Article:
On the occasion of the closing of the Jubilee of mercy, 69 inmates of the central prison in Faisalabad were released and many more will be released, in the next few days, in other Pakistani prisons, in response to a gesture of clemency, as requested by Pope Francis, on the occasion of the Jubilee of mercy.
The act took place on the occasion of the recent visit to the prison made by the Federal Minister for Human Rights, the Christian Senator, Kamran Michael, along with the Bishop of Faisalabad, Joseph Arshad, other Christian leaders and representatives of the government of Punjab and the judiciary.
For the occasion, the judge of the court of first instance Abid Hussain Qureshi ordered the release of 69 prisoners involved in minor offenses, who were still in prison because, despite having served their sentence, were not able to pay the sanctions in cash provided for by the convictions. In a note sent to Fides, Minister Kamran Michael confirmed that "it was decided to release prisoners involved in minor crimes who are still in prisons just because unable to pay the sanctions. These sanctions will be paid through a special government fund, he added. The minister reported that the Government has started the process of releasing these prisoners across the country, adding that this process started in the central prison of Faisalabad will be extended to other prisons.
As part of a rehabilitation path, "the government has started special training courses in order to make former detainees responsible citizens and help them reintegrate into society". The initiative, he said, reflects the spirit "announced by Pope Francis in this year named as the Year of Mercy, to assign the fundamental right to freedom of these prisoners". "This policy also aims to reduce the number of prisoners in Pakistani jails, to ensure them a better accommodation in the structures", he concluded.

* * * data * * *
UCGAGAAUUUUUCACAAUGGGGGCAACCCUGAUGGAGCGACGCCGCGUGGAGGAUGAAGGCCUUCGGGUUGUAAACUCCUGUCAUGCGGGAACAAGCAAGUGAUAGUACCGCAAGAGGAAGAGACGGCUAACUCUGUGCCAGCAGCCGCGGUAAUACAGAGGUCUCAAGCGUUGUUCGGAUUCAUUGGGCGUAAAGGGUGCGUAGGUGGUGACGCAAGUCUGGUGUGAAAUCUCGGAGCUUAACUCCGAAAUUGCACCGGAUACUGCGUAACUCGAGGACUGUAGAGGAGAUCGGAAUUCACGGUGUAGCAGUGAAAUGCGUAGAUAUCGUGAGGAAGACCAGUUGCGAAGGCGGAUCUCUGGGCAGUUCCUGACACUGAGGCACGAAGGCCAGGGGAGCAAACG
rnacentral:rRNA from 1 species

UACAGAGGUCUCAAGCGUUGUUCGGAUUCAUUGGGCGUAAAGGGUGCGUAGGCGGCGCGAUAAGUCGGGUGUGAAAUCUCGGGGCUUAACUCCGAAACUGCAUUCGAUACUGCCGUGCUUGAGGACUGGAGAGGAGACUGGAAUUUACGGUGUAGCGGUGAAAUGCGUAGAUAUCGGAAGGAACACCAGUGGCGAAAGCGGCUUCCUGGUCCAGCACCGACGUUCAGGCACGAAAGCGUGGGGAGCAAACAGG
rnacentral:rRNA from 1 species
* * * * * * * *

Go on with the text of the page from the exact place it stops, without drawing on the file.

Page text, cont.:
Minister Michael inspected various sections of the prison and met with some of the detainees to inquire about their conditions, ensuring to take the necessary measures to solve their problems.
In Pakistan there are 88 detention facilities that house a total prison population that exceeds 80 thousand prisoners, of whom 70% are awaiting trial. The official capacity of the prison system is approximately 46 thousand units, and the problem of overcrowding of prisons is felt everywhere. In its 2015 Report, the "Human Rights Commission of Pakistan", Ong widespread across the nation, recalls that "ill-treatment and torture are widespread", while "prisons are home to twice as many people than their capacity, and in some cells, prisoners do not even have a bed. "Overcrowding, does not allow the separation of inmates according to categories (under trial or already convicted), nor between minors and adults. In the Pakistani Penal system there are alternative punishments such as sanctions and fines, ordered sometimes by the courts for the sentencing of offenders considered non-violent. (Fides)